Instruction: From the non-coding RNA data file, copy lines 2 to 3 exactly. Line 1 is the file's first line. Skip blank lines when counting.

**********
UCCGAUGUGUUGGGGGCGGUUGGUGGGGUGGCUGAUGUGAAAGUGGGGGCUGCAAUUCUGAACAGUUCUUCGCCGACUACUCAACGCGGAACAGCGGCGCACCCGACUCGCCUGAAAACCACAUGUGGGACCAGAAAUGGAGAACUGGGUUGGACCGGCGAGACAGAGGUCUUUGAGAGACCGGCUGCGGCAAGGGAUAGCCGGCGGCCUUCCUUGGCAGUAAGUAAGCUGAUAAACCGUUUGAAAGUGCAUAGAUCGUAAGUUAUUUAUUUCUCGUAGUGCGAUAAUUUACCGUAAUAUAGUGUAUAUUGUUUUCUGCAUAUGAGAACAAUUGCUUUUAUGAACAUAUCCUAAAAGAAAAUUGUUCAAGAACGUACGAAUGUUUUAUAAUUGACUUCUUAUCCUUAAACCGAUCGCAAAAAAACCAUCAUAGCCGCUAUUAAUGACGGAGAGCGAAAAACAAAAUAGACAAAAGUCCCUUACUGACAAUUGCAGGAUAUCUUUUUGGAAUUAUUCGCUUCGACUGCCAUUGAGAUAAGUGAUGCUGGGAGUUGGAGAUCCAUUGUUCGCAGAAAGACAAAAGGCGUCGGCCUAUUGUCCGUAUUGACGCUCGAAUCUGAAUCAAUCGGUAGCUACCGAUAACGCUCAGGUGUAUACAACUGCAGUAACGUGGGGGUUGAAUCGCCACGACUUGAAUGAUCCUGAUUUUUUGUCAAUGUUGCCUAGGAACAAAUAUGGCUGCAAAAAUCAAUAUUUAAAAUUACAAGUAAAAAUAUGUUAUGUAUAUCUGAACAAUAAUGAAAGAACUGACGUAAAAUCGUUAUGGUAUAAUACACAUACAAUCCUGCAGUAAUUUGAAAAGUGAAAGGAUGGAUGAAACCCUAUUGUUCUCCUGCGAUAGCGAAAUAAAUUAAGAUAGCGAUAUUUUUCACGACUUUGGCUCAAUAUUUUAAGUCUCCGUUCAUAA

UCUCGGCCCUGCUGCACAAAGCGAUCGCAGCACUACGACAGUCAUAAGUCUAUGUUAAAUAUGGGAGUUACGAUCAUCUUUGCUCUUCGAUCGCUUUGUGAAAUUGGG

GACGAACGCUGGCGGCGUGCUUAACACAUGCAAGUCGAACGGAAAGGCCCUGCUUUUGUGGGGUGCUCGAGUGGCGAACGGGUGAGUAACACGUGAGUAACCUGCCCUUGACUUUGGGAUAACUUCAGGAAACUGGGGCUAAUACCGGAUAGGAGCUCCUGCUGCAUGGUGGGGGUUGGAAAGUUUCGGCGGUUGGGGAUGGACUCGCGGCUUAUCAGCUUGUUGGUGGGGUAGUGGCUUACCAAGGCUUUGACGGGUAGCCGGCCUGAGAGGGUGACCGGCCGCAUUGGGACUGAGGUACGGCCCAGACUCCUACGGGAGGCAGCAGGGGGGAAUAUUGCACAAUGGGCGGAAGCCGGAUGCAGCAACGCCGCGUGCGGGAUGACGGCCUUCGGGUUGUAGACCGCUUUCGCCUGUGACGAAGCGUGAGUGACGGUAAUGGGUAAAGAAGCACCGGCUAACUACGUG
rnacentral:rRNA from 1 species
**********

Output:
UCUCGGCCCUGCUGCACAAAGCGAUCGCAGCACUACGACAGUCAUAAGUCUAUGUUAAAUAUGGGAGUUACGAUCAUCUUUGCUCUUCGAUCGCUUUGUGAAAUUGGG

GACGAACGCUGGCGGCGUGCUUAACACAUGCAAGUCGAACGGAAAGGCCCUGCUUUUGUGGGGUGCUCGAGUGGCGAACGGGUGAGUAACACGUGAGUAACCUGCCCUUGACUUUGGGAUAACUUCAGGAAACUGGGGCUAAUACCGGAUAGGAGCUCCUGCUGCAUGGUGGGGGUUGGAAAGUUUCGGCGGUUGGGGAUGGACUCGCGGCUUAUCAGCUUGUUGGUGGGGUAGUGGCUUACCAAGGCUUUGACGGGUAGCCGGCCUGAGAGGGUGACCGGCCGCAUUGGGACUGAGGUACGGCCCAGACUCCUACGGGAGGCAGCAGGGGGGAAUAUUGCACAAUGGGCGGAAGCCGGAUGCAGCAACGCCGCGUGCGGGAUGACGGCCUUCGGGUUGUAGACCGCUUUCGCCUGUGACGAAGCGUGAGUGACGGUAAUGGGUAAAGAAGCACCGGCUAACUACGUG